Tuesday, December 3, 2013

A Winner Is Not Me...

I did not successfully complete NaNoWriMo this year. Things got busy with schoolwork and I decided to put the story on the back burner. As a result I only managed 13330 words out of the 50000 goal. Still, I'm pretty sure that is more words than I've written for anything ever. I do plan to continue writing it and eventually complete it.

I thought I might share one of the flashback chapters (this one is very unfinished) that I made to break up the monotony of always being in a dungeon.

Hope you all had a great Thanksgiving!

Chapter 4
Shadows aren’t Dreams
The jungle’s thick green vines wrapped the area in a warm, humid cocoon. Insects buzzed softly in the undergrowth. The canopy was alive with a cacophony of avian life. Fiorra was crouched behind a broad-leafed bush, watching silently as the peccary snuffled and rooted for food nearby. Carefully she unhooked the crookhorn bow from her back and nocked an arrow on the string of gut. Her breaths were measured and slow. The tension on the gut increased smoothly as she flexed her small but wiry muscles. Her mouth curled into a small smile as the peccary grunted with pleasure when it found a tasty morsel. She had missed the jungle pigs. Recently her father had taken her to one of the towns on the Great Lake for her fifteenth birthday. She had seen the common sows that the townsfolk bred and killed for meat. They were slow, stupid beasts. The peccary seemed to know it was free and reveled in it.
She waited until she was certain the shot would find its mark and then released the tension slowly, letting the arrow droop. Her muscles relaxed. She had never planned to kill the beast, but there was a certain thrill in going through the motions of a hunt. It was a taste that she had acquired as a younger girl. Her father had taken her out on many of the royal hunts, allowing her at first to ride with him, hugging his back as the hounds gave chase. Later she joined on her own steed, joining the men as they cornered the prey. Then, as now, she had no desire to kill the quarry. The men were happy enough to finish it off. She just wanted to feel the adrenaline coursing through her veins and the wind stinging her eyes as they galloped after.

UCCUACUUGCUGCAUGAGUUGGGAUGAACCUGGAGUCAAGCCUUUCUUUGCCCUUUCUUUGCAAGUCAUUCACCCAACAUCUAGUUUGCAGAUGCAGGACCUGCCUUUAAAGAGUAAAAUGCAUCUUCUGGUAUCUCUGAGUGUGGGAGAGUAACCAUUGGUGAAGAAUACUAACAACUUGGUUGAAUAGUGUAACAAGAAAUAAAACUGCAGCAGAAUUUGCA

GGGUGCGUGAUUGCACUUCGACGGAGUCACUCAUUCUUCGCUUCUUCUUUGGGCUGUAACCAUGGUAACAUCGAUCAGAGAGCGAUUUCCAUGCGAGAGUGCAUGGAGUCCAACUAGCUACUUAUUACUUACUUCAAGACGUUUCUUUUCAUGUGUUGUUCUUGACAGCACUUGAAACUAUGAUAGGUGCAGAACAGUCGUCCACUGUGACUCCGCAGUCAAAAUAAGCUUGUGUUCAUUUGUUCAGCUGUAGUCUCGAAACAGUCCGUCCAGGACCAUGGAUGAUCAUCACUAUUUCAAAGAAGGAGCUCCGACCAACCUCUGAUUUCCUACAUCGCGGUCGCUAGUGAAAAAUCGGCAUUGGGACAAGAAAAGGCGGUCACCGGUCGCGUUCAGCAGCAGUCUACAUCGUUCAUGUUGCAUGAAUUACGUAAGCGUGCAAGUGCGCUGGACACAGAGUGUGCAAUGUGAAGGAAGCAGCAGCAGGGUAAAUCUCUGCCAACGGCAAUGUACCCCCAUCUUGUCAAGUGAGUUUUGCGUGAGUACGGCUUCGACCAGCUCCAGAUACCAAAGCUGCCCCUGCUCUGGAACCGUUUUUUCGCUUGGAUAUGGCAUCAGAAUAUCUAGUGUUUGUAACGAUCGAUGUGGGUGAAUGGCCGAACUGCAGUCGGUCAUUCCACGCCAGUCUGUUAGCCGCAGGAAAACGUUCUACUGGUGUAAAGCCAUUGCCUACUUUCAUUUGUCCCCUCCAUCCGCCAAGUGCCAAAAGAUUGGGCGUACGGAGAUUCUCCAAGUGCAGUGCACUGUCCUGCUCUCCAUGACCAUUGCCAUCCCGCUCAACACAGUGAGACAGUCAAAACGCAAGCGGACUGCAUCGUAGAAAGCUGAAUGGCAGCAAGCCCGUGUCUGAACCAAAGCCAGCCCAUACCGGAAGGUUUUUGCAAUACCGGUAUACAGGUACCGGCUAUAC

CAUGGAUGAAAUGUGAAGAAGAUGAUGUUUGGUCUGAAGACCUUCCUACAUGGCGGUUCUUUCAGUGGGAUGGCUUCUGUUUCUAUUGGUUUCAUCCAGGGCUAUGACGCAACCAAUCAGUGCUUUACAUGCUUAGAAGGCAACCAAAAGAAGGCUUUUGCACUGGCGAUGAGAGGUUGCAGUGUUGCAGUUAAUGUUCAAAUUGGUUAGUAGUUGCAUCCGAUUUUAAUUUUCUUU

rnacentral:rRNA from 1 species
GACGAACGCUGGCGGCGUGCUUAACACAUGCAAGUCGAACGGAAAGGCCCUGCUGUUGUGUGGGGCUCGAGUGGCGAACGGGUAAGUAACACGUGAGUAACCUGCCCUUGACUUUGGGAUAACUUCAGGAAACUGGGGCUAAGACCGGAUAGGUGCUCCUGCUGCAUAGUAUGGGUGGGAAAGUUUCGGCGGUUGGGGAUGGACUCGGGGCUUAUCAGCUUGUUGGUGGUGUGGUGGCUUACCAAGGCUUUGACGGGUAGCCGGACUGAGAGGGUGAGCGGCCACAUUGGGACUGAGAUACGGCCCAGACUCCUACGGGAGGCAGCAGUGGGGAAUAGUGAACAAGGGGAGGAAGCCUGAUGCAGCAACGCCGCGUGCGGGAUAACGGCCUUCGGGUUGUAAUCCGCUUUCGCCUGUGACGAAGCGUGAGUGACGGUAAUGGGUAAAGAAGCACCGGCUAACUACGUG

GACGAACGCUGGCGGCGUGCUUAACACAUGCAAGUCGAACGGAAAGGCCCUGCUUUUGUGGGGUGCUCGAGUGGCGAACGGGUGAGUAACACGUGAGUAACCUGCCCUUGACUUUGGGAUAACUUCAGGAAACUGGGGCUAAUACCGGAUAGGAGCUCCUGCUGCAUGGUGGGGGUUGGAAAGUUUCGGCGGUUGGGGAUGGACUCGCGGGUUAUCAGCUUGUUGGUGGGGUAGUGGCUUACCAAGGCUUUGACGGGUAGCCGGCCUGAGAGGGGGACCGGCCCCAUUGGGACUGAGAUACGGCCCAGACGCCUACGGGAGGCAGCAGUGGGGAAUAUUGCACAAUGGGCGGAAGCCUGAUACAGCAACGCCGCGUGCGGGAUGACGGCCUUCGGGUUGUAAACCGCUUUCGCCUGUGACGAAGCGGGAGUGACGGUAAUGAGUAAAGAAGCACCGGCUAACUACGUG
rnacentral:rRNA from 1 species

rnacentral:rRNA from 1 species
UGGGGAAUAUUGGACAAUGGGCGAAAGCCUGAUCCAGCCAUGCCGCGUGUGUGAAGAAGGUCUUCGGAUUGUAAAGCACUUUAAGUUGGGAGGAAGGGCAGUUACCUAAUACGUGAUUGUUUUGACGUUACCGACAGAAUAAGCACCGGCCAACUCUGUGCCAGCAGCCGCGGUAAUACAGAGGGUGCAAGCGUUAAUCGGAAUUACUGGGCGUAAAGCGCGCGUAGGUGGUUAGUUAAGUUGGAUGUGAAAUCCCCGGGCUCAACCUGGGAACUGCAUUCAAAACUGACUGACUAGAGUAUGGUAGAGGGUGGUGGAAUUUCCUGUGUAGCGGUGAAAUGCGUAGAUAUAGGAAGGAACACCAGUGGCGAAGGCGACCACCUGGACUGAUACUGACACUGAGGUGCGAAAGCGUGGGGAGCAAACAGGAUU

There was a loud vibration in the air and the peccary squealed, its legs blurred as it started to run. A green blur shot out of the trees and pinned the peccary to the ground. Fiorra flinched and redrew her bow.
An insect the size and shape of a grown man held the small, squirming pig to the ground. Large translucent wings swirled from the back of the creature then became still and folded neatly. The squeals abruptly ceased and the pig’s limbs relaxed. Fiorra inhaled sharply. To see an insectoid was rare. They mostly kept to themselves and avoided human contact, choosing instead the wide band of the jungles of Xaae. She had heard people speculate about hidden underground insectoid cities and great libraries filled with arcane knowledge. It had only been after the Theraen kingdoms had rebelled against the Empire that the insectoids had interacted willingly with human society at all. Fiorra was fascinated and frightened at the same time. She had talked with the minotaur workers at the Nothampton docks and the reptilian traders from across the ocean in Vaeey. While definitely not human, they were, for the most part, relatable and friendly. Insectoids were not even remotely human. Nobody could speak to an insectoid in their language because human vocal chords were simply incapable of making the necessary sounds.
The insectoid stood, releasing the carcass of the pig. Its motions were unlike anything she had ever seen. It’s limbs moved in the manner of an eye, flicking instantly from point to point. Its head swiveled and revealed two orbs, covered in hexagonal compartments, seeing the world in a million fractured segments. On the top of its head two antennae twitched.
Suddenly Fiorra regretted very much her decision to venture so far from the hunting lodge. Her father and a detachment of the Home Guard would be there. They could not help her here.
A breeze stirred the thick air.
With a speed that bordered on precognition the insectoid shot backwards and then changed course, shooting directly towards her hiding place.
Fiorra let out a surprised shriek and loosed the arrow in fright.
The arrow stopped almost as soon as it left the bow. The air around it was as thick as sand. The world began to melt. The insectoid appeared huge holding itself only a foot or two away.
Her vision swam.
            “The shadow riders are there. The shadow riders are there. They are not as they were. The light is shifting. Beware.”
            The insectoid swiveled its head to the side, looking into the distance.
            “The emperor knows.”
            There was a flash of light and the insectoid was vaporized. Every trunk, leaf, and twig cast a sharp shadow. The shadows converged on her like knives. They sunk into her and clawed at her mind. Clouds of shadows enveloped her thoughts.

A voice exploded in her mind, she had heard it before, and it tore at the fabric of reality. Let the light shine and the shadows deepen. Then shall I arise.”